By David Hirzel
The Republican party’s desperate rush to confirm their president’s newest nominee to the Supreme Court is more than unseemly, it threatens the very fabric of our society. Sure, we can all suspect Amy Coney Barrett’s personal views might end up having some bearing her decisions—that abortion is “always immoral,” or that “a legal career is but a means to an end … and that end is building the kingdom of God.”
But the threat we all need to take most seriously is this: She does not believe in the legitimacy of our Constitution’s Fourteenth Amendment—the one upholding citizenship rights and equality under the law for all Americans. The Amendment on which all subsequent civil rights acts are based, including the momentous Civil Rights Act of 1964 prohibiting discrimination on the basis of race, color, religion, sex or national origin, discrimination in public accommodations and federally funded programs.
The 14th Amendment includes key wording now known as the Citizenship Clause, the Privileges Clause, the Due Process Clause, and the Equal Protection Clause. It confirms that everyone born in the United States is a full citizen, with the full rights due to a citizen, who can’t be deprived of those rights unless they’re given due process of law.
Barrett is one of those who question the legitimacy of this Amendment, on the unfounded argument that it was proposed by a Congress in 1864 that did not include the Southern states who had seceded and formed their own Confederacy. But those states had all been readmitted to the Union by July of 1868. Shortly thereafter seven of them ratified the Amendment, adding their votes to the twenty-eight states then required to ratify an amendment (per the Constitution itself). In short, there is no question whatever of the validity of the Fourteenth Amendment, and of all subsequent legislation based on it.
This questioning of its legitimacy is a legacy of racist legislation that arose in Georgia in 1957, intended to deny civil rights to Black Americans. Those who continue to question it clearly have in mind that not all Americans deserve equal protection. One of them is Ms. Barret, who has raised the question more than once during her judicial career, including this: “Congress has to decide whether to … rely on the power conferred by the possibly illegitimate Fourteenth Amendment.”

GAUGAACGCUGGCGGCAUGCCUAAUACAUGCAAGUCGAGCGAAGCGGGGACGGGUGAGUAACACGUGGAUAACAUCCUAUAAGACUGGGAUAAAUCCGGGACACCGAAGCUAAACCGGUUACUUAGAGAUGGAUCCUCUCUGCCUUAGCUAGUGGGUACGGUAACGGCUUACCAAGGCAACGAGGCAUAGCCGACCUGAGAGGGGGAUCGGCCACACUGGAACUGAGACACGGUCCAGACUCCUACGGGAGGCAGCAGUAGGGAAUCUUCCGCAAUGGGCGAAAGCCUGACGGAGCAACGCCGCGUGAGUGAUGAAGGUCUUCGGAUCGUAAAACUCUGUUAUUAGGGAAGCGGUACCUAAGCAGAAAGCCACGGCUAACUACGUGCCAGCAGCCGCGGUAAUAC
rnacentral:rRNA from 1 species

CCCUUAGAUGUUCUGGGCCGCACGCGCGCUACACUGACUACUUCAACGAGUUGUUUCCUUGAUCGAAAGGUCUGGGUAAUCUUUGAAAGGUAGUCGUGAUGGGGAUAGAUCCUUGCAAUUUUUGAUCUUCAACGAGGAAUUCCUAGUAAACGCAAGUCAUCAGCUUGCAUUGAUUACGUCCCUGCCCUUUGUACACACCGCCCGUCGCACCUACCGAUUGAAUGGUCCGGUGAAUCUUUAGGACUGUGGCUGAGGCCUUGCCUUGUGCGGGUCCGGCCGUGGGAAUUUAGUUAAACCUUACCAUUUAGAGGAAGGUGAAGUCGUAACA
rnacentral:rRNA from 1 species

Really? Is she the right person for the job, someone who very carefully and systematically has laid out her lack of faith in the Constitution, the guiding document of the nation and the supreme law of the land. She, like all those Republicans now in office, must swear to defend that Constitution and bear true faith and allegiance to it.
If their intention is to undermine its validity and power, they can have no better ally on the bench than Ms. Barrett. Should any challenge to the Civil Rights Act come before it, especially one driven by the big corporate and financial interests in a position to mount such a challenge, we know where they can find a friend. And don’t be at all surprised if the next challenge is to the second amendment, the one that allows you to read this argument in your local paper.
Which leads us once again to question the Republican Senate—why the rush? It’s not really a question. Some of us already know.
(David Hirzel is a Bay Area author and frequent op-ed contributor to this newspaper. Anyone interested in writing a My Turn essay may contact editor Sherm Frederick at email@example.com.)